[Maxo takes a break to try on some crystals. ‘I’m getting ready for my night at the 40-40 Club.’]

Do you think your storytelling is applicable to other young black kids growing up in America? Or are these stories specific to you and your family?
It’s important for kids who are in the situation I used to be in, who can relate to what I’ve been through, to hear the stories. Hopefully, they can find inspiration from it if they’re going down the wrong path. Hopefully they can get right. Like, if I’m able to do this, why can’t you? It’s a breath of fresh air. Get kids hoping.

Do you see yourself as a role model? Is that something you aspire to?
At first, I didn’t really see myself as one, but that’s kind of what happened with my career. Kids started looking up to me, they started coming to my concerts, and they started fucking with me. The responsibility came upon me, you know what I’m saying? I didn’t want to be a role model. Like, I was smoking weed, popping pills, sippin’ drank, trapping, and shit like that. Now that I’ve got a voice? Now that I have a platform? I have no choice, you feel me? It’s more of a responsibility than anything I choose.

Do you ever play Grand Theft Auto 5? Punken was story mode. I beat that, now I’m moving to online. Brandon Banks is online.

What’s one piece of advice you’d give to a 14-year-old version of yourself?
Shit, don’t be a follower. Don’t listen to these older n****s because they try to cash you out. They tell you to do a lot of shit they wouldn’t do themselves. That’s how it always works.

Have you had to tighten up your crew as you reach a new level of fame?
Oh, hell yeah. I was feelin’ that even before this. Even as my crew was growing before I was a rapper, a lot of these n****s were just carrying baggage. I don’t need nobody’s baggage. The real ones that stick through and ride with me? The loyal ones? They’ll be here fo’ sho’. They gonna show their loyalty and they’re gonna stick around regardless.

How do you see yourself fitting into the rap landscape? You came up before the SoundCloud era really popped off, but you’re also younger than rappers like Schoolboy, who appears on the new record.
I see myself in my own lane. I’m in the Maxo lane. I’m not doing now clout shit, and I’m not here for no hype. I feel like I’m gonna be around for years to come. A lot of people I started rhyming with aren’t around no more and a lot of the dudes rhyming now won’t be doing it or won’t be around. Like, RIP Nip, you know what I’m saying? It’s a marathon not a race. I wanna be doing this ten years from now.

Are you trying to build an empire outside of rap like Nipsey?
Most definitely. Damn right. I want to show folks that I’m a black mogul. I wanna own stores. I wanna do movies. Rapping is dope, but once you get in the biz, the sky is the limit. You gotta work your moves.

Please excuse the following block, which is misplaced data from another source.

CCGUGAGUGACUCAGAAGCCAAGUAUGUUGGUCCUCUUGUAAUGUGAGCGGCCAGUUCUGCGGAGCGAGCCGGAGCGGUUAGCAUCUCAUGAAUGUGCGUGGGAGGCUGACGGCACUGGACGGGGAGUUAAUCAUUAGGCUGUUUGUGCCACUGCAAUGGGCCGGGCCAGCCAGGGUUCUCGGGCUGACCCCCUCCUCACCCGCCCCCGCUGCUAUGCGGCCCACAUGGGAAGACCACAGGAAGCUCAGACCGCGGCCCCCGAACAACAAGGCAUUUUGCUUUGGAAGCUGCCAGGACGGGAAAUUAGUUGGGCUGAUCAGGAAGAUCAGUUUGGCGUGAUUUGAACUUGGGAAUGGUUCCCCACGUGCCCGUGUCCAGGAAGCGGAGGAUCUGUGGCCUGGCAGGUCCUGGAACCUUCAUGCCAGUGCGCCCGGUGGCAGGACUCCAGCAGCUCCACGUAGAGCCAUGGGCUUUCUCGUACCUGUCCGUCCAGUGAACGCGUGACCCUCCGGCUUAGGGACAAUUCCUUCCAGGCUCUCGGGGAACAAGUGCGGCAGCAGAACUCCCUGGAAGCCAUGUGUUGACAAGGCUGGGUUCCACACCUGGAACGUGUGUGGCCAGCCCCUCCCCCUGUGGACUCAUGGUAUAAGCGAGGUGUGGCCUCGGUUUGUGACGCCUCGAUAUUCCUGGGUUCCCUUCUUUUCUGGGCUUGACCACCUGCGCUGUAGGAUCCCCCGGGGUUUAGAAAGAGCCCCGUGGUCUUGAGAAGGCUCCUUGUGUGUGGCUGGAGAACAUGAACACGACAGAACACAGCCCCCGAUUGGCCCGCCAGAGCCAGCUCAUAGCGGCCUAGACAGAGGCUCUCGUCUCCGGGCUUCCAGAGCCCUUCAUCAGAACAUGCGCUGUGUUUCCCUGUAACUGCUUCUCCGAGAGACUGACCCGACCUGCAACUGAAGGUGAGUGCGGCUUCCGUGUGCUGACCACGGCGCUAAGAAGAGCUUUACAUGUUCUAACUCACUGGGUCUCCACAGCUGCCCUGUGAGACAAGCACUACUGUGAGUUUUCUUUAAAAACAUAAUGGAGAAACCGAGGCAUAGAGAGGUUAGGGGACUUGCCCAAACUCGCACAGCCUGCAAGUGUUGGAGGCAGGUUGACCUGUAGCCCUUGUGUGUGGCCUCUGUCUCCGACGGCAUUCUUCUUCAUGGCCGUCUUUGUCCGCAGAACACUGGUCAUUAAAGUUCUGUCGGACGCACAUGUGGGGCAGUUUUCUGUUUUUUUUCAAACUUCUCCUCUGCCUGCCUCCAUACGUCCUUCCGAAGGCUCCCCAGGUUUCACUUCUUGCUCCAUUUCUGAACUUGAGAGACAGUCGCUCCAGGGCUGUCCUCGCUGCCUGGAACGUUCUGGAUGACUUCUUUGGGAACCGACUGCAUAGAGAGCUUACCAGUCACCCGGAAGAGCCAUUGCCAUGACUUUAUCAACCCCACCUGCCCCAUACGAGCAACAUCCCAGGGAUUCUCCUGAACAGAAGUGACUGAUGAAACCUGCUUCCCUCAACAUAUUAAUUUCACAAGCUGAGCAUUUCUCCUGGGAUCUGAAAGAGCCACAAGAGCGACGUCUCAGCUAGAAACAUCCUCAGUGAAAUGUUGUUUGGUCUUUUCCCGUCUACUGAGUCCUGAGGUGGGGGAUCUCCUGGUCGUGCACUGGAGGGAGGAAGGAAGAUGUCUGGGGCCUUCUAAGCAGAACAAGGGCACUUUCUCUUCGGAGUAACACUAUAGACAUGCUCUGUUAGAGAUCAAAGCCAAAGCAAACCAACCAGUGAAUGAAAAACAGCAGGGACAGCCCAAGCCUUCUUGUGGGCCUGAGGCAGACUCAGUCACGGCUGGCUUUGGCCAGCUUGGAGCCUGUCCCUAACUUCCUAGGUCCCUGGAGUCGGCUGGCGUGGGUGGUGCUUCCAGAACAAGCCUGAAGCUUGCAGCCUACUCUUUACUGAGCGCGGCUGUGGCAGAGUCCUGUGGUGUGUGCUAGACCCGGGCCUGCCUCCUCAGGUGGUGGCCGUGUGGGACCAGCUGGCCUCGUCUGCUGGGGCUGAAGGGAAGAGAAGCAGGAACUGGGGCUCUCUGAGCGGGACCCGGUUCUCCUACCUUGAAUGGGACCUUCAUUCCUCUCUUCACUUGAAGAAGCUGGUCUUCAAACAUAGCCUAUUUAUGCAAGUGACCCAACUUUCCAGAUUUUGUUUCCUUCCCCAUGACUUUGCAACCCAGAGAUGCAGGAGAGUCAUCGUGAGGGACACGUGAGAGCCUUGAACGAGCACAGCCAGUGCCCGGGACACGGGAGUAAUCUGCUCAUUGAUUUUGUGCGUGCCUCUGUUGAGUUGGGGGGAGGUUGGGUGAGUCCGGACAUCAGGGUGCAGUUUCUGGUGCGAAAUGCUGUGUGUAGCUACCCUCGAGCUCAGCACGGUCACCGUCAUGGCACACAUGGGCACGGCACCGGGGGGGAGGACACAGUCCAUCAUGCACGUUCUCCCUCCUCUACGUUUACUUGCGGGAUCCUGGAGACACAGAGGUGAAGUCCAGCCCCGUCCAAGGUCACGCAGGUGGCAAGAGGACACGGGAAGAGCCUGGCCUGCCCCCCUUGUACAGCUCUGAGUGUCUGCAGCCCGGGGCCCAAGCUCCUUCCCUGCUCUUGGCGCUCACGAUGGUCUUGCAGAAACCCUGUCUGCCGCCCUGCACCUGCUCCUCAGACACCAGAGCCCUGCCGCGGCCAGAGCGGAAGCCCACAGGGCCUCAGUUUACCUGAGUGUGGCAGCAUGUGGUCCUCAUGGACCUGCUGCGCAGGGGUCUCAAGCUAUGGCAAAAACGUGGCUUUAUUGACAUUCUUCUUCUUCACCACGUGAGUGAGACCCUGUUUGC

Are you still living in Houston?
Nah, I’m in LA these days. I still got my swag from Houston, though.

How does being from Houston shape your rap identity?
Man, it’s where I’m from. Everything that happens with this music is Maxo. It’s all me. It’s how I was raised and where I lived. It’s all Houston.

What’s one thing you hope someone listening to Brandon Banks takes away from it?
Shit, just knowing Maxo better. I just want people to know my life better: more details, more stories about my family, more about me. I want n****s to know I’m not no style clown. I’m not one of these lame ass rappers out here lying. I’m an old school fool. Don’t make me show my age. Period.

You recently talked about rappers you fucked with and how the streets are different from the industry. How does that influence your relationships in the rap game?
I’m a loyal person. It’s in my blood. I can’t fake fuck with you. If you fuck with me, you fuck with me. I might fuck with your music, but might not fuck with you. Or, I might fuck with you and not your music.

Are you able to be honest with people about that?
I ain’t tryna hurt nobody’s feelings. I’ll be like, “That’s cool, that’s cool.” I’ll try to drift away from the music. I don’t really fuck with too many of these n****s anyways. I really fuck with gangs. I fuck with squads.

Do you view this album as a new beginning or a continuation of what started with Maxo 187 through Punken?
I look at it as both. Everybody’s that been rocking with me, this is just a continuation. But it’s also a new beginning. It’s an opportunity to go grab new fans. There are people that don’t know about Maxo, the mainstream crowd.

Do you want this record to attract a ton of new fans? Is that the goal?
If it do, it do. If it don’t, it don’t. I don’t think about none of that. As long as the people that fuck with me keep fucking with me, I’m happy.